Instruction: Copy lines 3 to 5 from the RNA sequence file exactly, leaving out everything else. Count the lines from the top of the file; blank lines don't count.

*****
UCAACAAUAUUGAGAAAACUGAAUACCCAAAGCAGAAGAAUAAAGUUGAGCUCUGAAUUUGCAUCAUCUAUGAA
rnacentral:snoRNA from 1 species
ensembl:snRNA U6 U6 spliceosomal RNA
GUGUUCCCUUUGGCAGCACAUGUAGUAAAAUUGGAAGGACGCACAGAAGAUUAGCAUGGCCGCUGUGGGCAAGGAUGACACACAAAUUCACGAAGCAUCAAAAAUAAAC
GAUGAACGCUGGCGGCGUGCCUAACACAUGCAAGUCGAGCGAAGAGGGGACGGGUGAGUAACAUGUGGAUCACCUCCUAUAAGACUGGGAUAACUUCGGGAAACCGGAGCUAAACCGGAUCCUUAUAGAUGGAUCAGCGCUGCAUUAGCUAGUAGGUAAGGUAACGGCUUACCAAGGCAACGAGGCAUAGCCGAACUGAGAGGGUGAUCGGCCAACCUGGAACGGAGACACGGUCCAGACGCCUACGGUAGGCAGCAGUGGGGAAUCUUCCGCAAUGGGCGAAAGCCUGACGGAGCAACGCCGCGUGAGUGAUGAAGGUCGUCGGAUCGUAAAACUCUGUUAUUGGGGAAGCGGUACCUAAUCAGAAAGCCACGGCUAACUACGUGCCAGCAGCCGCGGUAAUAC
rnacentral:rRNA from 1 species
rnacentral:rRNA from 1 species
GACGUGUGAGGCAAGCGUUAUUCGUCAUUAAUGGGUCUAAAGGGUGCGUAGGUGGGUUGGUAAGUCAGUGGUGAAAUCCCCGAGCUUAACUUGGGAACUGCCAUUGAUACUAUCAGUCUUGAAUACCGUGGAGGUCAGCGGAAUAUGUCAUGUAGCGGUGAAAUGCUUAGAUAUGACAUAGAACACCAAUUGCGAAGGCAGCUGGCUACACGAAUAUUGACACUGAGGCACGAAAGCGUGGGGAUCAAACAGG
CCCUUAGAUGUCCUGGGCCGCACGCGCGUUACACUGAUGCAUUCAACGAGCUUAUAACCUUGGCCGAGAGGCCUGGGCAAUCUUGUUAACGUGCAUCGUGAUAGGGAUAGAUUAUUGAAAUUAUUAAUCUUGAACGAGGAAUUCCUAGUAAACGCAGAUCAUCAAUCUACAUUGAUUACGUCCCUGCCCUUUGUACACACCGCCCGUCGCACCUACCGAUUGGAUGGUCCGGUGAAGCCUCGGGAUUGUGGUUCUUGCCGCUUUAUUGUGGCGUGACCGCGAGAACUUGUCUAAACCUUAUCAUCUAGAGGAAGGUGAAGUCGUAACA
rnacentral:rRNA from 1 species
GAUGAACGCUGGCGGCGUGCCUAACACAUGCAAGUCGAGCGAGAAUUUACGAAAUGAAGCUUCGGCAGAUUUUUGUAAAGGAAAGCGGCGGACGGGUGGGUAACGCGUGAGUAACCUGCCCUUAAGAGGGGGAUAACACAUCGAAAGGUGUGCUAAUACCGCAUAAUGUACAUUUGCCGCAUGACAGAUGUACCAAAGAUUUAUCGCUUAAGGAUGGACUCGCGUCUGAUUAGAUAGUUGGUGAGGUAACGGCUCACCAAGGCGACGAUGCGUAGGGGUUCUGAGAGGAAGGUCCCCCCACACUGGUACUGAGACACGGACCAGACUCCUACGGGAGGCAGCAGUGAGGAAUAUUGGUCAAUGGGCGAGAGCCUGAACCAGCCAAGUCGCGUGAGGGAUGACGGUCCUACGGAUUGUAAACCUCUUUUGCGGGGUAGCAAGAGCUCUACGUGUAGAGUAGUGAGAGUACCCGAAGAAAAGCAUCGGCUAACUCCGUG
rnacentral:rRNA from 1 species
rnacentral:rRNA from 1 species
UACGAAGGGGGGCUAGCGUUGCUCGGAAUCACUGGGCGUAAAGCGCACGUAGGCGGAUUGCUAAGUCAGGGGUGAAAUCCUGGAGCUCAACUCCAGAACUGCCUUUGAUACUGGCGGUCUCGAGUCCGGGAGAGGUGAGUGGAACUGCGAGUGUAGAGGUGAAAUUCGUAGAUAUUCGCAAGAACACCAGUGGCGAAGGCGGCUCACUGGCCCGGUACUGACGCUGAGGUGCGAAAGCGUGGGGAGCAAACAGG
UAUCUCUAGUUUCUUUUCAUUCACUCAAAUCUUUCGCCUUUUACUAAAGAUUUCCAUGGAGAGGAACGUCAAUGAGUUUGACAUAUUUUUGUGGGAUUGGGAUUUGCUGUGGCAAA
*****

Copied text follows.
ensembl:snRNA U6 U6 spliceosomal RNA
GUGUUCCCUUUGGCAGCACAUGUAGUAAAAUUGGAAGGACGCACAGAAGAUUAGCAUGGCCGCUGUGGGCAAGGAUGACACACAAAUUCACGAAGCAUCAAAAAUAAAC
GAUGAACGCUGGCGGCGUGCCUAACACAUGCAAGUCGAGCGAAGAGGGGACGGGUGAGUAACAUGUGGAUCACCUCCUAUAAGACUGGGAUAACUUCGGGAAACCGGAGCUAAACCGGAUCCUUAUAGAUGGAUCAGCGCUGCAUUAGCUAGUAGGUAAGGUAACGGCUUACCAAGGCAACGAGGCAUAGCCGAACUGAGAGGGUGAUCGGCCAACCUGGAACGGAGACACGGUCCAGACGCCUACGGUAGGCAGCAGUGGGGAAUCUUCCGCAAUGGGCGAAAGCCUGACGGAGCAACGCCGCGUGAGUGAUGAAGGUCGUCGGAUCGUAAAACUCUGUUAUUGGGGAAGCGGUACCUAAUCAGAAAGCCACGGCUAACUACGUGCCAGCAGCCGCGGUAAUAC